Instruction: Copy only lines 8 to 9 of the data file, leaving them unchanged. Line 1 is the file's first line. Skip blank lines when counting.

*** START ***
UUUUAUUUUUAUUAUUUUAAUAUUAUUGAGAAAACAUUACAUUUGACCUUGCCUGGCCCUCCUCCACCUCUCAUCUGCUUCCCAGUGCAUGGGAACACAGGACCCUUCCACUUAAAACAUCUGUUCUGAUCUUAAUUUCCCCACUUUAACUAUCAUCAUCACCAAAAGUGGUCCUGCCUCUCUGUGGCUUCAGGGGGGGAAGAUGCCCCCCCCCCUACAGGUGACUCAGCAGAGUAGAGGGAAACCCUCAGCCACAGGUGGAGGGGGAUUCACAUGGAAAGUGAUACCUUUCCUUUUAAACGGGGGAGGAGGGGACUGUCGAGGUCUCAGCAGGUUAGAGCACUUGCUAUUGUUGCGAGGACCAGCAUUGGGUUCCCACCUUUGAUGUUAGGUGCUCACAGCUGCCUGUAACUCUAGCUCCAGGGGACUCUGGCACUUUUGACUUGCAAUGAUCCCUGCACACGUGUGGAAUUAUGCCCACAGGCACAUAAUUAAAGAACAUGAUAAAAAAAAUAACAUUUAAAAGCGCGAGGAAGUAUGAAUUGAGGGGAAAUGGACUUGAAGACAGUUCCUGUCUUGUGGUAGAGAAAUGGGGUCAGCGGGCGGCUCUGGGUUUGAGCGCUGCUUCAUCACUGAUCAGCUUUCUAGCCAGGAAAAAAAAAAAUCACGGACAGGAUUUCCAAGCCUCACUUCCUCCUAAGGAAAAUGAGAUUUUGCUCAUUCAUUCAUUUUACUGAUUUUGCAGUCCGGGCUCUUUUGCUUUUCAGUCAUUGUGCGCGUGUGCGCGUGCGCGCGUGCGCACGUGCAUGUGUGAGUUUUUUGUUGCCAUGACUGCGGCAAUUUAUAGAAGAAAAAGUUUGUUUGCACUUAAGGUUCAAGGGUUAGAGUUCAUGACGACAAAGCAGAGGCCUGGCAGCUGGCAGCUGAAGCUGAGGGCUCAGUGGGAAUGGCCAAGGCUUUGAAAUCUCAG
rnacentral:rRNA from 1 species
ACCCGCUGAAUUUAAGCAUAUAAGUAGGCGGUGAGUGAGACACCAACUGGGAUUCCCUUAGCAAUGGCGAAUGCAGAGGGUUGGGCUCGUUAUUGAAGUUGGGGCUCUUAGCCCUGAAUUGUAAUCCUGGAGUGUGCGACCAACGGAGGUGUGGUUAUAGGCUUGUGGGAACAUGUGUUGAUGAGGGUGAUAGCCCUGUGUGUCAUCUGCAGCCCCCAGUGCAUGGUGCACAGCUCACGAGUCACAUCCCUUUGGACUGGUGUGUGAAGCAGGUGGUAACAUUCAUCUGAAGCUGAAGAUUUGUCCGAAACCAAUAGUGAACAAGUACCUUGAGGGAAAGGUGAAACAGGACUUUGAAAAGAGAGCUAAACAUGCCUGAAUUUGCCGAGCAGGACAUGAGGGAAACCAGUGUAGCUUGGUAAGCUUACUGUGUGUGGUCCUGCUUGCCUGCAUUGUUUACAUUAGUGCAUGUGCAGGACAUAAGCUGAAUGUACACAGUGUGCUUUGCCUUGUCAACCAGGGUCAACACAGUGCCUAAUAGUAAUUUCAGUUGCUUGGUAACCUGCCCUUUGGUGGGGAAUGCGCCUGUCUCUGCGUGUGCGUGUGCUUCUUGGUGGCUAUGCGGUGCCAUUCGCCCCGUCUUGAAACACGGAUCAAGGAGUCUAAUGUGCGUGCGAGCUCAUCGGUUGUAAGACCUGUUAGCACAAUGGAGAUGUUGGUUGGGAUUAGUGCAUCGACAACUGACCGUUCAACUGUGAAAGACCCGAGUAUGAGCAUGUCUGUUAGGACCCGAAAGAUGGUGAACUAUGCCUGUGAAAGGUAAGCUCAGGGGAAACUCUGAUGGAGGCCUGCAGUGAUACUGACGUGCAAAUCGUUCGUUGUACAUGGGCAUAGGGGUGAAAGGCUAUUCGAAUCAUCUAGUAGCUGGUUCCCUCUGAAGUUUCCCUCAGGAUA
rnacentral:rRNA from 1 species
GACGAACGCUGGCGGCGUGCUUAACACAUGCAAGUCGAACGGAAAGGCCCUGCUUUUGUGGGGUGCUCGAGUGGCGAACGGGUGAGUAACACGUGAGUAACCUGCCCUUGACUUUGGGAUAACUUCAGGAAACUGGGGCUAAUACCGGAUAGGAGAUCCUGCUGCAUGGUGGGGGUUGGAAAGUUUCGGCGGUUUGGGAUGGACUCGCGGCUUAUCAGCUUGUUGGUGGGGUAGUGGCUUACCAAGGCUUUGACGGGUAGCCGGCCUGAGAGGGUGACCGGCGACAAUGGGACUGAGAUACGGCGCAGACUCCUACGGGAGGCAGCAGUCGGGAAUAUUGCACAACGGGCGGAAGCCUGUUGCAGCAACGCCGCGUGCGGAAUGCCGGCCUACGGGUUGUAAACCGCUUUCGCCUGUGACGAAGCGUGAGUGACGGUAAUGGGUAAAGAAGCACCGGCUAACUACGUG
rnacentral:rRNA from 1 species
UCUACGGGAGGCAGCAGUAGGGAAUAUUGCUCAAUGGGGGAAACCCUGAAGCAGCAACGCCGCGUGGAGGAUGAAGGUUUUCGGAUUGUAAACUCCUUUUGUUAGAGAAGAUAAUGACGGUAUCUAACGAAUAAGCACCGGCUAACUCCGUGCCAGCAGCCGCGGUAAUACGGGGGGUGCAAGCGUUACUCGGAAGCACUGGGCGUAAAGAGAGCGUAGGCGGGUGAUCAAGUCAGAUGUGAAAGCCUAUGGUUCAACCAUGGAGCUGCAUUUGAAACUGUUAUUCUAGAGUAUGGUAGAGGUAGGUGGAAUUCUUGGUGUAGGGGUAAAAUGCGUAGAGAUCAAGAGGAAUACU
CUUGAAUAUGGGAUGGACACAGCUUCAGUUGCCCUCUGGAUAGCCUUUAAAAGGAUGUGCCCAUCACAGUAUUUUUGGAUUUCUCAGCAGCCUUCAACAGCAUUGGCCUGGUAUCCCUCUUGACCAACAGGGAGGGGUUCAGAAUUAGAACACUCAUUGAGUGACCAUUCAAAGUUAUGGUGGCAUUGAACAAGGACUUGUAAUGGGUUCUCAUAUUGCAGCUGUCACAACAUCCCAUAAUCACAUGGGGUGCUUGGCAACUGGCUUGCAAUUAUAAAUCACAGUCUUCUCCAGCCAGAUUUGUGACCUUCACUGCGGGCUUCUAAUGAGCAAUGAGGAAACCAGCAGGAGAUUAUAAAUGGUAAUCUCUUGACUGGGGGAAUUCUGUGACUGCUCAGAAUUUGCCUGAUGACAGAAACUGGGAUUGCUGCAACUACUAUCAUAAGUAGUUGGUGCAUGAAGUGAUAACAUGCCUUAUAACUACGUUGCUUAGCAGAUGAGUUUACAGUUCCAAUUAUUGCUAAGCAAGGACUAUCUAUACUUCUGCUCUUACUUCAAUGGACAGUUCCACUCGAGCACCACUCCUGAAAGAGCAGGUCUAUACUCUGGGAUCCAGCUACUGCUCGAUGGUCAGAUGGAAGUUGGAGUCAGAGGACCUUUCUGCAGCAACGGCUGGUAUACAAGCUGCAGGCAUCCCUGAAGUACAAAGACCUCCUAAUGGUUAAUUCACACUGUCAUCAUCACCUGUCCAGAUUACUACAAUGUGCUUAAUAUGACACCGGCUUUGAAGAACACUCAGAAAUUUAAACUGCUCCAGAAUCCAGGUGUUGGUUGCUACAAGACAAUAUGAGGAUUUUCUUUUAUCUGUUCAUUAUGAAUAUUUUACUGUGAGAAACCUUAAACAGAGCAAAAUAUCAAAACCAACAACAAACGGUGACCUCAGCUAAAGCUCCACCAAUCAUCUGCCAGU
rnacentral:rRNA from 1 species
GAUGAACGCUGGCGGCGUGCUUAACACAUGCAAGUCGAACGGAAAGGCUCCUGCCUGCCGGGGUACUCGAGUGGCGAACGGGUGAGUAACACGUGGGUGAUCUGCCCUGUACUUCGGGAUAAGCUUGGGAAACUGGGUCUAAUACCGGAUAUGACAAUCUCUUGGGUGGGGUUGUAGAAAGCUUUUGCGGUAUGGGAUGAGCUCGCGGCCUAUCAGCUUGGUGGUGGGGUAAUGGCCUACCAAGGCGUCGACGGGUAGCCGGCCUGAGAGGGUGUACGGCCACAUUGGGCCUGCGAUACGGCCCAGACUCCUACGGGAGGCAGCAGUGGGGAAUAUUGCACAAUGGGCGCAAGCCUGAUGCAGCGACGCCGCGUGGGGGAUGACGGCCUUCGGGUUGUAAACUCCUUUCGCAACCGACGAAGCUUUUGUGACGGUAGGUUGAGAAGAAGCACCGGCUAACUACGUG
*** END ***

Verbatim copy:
CUUGAAUAUGGGAUGGACACAGCUUCAGUUGCCCUCUGGAUAGCCUUUAAAAGGAUGUGCCCAUCACAGUAUUUUUGGAUUUCUCAGCAGCCUUCAACAGCAUUGGCCUGGUAUCCCUCUUGACCAACAGGGAGGGGUUCAGAAUUAGAACACUCAUUGAGUGACCAUUCAAAGUUAUGGUGGCAUUGAACAAGGACUUGUAAUGGGUUCUCAUAUUGCAGCUGUCACAACAUCCCAUAAUCACAUGGGGUGCUUGGCAACUGGCUUGCAAUUAUAAAUCACAGUCUUCUCCAGCCAGAUUUGUGACCUUCACUGCGGGCUUCUAAUGAGCAAUGAGGAAACCAGCAGGAGAUUAUAAAUGGUAAUCUCUUGACUGGGGGAAUUCUGUGACUGCUCAGAAUUUGCCUGAUGACAGAAACUGGGAUUGCUGCAACUACUAUCAUAAGUAGUUGGUGCAUGAAGUGAUAACAUGCCUUAUAACUACGUUGCUUAGCAGAUGAGUUUACAGUUCCAAUUAUUGCUAAGCAAGGACUAUCUAUACUUCUGCUCUUACUUCAAUGGACAGUUCCACUCGAGCACCACUCCUGAAAGAGCAGGUCUAUACUCUGGGAUCCAGCUACUGCUCGAUGGUCAGAUGGAAGUUGGAGUCAGAGGACCUUUCUGCAGCAACGGCUGGUAUACAAGCUGCAGGCAUCCCUGAAGUACAAAGACCUCCUAAUGGUUAAUUCACACUGUCAUCAUCACCUGUCCAGAUUACUACAAUGUGCUUAAUAUGACACCGGCUUUGAAGAACACUCAGAAAUUUAAACUGCUCCAGAAUCCAGGUGUUGGUUGCUACAAGACAAUAUGAGGAUUUUCUUUUAUCUGUUCAUUAUGAAUAUUUUACUGUGAGAAACCUUAAACAGAGCAAAAUAUCAAAACCAACAACAAACGGUGACCUCAGCUAAAGCUCCACCAAUCAUCUGCCAGU
rnacentral:rRNA from 1 species